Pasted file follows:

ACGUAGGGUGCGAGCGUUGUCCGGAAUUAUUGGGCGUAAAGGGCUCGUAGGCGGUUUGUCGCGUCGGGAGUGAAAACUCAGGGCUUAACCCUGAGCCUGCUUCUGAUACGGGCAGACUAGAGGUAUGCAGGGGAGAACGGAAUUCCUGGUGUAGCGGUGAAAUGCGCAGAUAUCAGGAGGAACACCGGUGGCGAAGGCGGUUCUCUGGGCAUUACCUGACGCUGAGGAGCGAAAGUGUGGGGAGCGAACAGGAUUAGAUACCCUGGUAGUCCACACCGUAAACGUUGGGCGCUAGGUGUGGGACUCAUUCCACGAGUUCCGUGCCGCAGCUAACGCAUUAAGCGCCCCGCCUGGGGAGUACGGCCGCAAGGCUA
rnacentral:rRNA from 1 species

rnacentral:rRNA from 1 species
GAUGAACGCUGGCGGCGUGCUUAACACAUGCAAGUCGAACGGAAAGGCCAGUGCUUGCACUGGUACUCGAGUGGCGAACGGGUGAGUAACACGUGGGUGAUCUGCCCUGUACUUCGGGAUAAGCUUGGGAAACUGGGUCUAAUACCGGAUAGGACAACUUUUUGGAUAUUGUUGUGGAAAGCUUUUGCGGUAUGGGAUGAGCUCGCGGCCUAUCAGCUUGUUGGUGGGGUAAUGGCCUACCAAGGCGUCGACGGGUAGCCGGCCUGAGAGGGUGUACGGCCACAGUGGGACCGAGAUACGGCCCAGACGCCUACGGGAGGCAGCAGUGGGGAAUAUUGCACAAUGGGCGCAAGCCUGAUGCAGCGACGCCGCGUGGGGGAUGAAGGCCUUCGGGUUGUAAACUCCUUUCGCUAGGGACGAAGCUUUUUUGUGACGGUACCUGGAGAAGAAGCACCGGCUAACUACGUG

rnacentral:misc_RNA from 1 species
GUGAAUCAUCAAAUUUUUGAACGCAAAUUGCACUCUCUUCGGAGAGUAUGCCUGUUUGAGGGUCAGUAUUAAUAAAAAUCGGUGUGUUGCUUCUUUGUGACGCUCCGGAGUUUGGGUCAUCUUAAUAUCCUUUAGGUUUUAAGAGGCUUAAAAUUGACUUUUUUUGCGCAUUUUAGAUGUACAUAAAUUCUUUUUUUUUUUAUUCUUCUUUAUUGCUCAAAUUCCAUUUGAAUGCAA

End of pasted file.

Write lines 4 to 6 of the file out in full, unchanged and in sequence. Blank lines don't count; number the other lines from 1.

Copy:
GAUGAACGCUGGCGGCGUGCUUAACACAUGCAAGUCGAACGGAAAGGCCAGUGCUUGCACUGGUACUCGAGUGGCGAACGGGUGAGUAACACGUGGGUGAUCUGCCCUGUACUUCGGGAUAAGCUUGGGAAACUGGGUCUAAUACCGGAUAGGACAACUUUUUGGAUAUUGUUGUGGAAAGCUUUUGCGGUAUGGGAUGAGCUCGCGGCCUAUCAGCUUGUUGGUGGGGUAAUGGCCUACCAAGGCGUCGACGGGUAGCCGGCCUGAGAGGGUGUACGGCCACAGUGGGACCGAGAUACGGCCCAGACGCCUACGGGAGGCAGCAGUGGGGAAUAUUGCACAAUGGGCGCAAGCCUGAUGCAGCGACGCCGCGUGGGGGAUGAAGGCCUUCGGGUUGUAAACUCCUUUCGCUAGGGACGAAGCUUUUUUGUGACGGUACCUGGAGAAGAAGCACCGGCUAACUACGUG

rnacentral:misc_RNA from 1 species
GUGAAUCAUCAAAUUUUUGAACGCAAAUUGCACUCUCUUCGGAGAGUAUGCCUGUUUGAGGGUCAGUAUUAAUAAAAAUCGGUGUGUUGCUUCUUUGUGACGCUCCGGAGUUUGGGUCAUCUUAAUAUCCUUUAGGUUUUAAGAGGCUUAAAAUUGACUUUUUUUGCGCAUUUUAGAUGUACAUAAAUUCUUUUUUUUUUUAUUCUUCUUUAUUGCUCAAAUUCCAUUUGAAUGCAA